We often hear that Americans are falling behind on retirement savings, so it's always refreshing to read reports of U.S. adults hustling to build their nest eggs. And a recent survey from Principal Financial Group reveals that plenty of Gen X and Gen Y workers are either socking away 90% or more of the IRS maximum allowable annual contribution in their 401(k)s or socking away 15% or more of their income for their golden years.

But to get there, they're giving up certain conveniences and luxuries. Here are the top four things today's super savers are doing to make huge strides in building their nest eggs.

Smiling man fanning out a bunch of hundred-dollar bills and pointing toward them.


1. Driving older vehicles

For 43% of super savers, the ability to sock away those funds hinges on driving an older car as opposed to paying a premium for a newer one. Keep in mind that brand-new vehicles lose a large chunk of their value the moment they're driven off the lot, so if you need a car, it pays to consider a used model, provided it comes from a reputable source.

In some cases, of course, it may not make sense to pay for a car at all. If you live somewhere with public transportation and don't need a car to get to work every day, you can rely on the train or bus and then hail rideshares on an as-needed basis.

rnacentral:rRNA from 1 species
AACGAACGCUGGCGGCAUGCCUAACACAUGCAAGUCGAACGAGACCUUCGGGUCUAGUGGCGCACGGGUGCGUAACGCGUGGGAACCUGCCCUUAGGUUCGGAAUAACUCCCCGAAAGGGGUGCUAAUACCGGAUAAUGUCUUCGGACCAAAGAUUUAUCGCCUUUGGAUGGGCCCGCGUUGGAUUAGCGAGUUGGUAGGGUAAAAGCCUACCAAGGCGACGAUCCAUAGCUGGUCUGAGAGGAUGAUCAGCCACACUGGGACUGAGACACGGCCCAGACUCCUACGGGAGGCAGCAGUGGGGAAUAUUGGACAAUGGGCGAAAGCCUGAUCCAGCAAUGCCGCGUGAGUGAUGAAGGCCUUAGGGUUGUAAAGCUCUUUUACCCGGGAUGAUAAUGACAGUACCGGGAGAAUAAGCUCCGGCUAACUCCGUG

2. Owning modest homes

Housing is the typical American's greatest monthly expense, so it stands to reason that keeping it on the less expensive side could be the ticket to building a large amount of savings. A good 41% of super savers live in a modest home despite being able to potentially afford more. If you're willing to make the same sacrifice, your retirement savings could benefit in a very big way.

As a general rule, your predictable housing costs, including your mortgage payment, property taxes, and homeowners insurance, should not exceed 30% of your take-home pay. But if you're able to keep that expense to, say, 15% of your take-home pay, you'll have that much money more left over to build your nest egg.

3. Not traveling as much as they'd prefer

Traveling can a wonderful, eye-opening experience, but a costly one at that. An estimated 41% of super savers have given up travel to some degree to focus on building long-term savings.

If you're eager to boost your nest egg, you can consider scaling back on travel or finding ways to do so on the cheap. Those might include road-tripping rather than paying for flights, renting private homes instead of springing for hotels, and buying your meals at grocery stores during your travels rather than dining out and adding to your costs.

4. Tackling home projects instead of hiring outside help

For 40% of super savers, working up a sweat is a worthwhile sacrifice on the road to accumulating retirement funds. That's because they're willing to handle home repairs or maintenance themselves rather than outsourcing them and paying a premium for professional services.

If you're amenable to putting in the time, then chances are, there are a number of items related to home upkeep that you're capable of tackling solo. Just make sure you can do so safely, because the last thing you want is to save money on household repairs, only to wipe out those savings with an ER bill following an injury.

There's no question about it: Saving aggressively for retirement requires you to give up certain things that could make your life easier or more enjoyable. But if you're willing to make those sacrifices, you'll be in a much stronger place financially once your golden years roll around.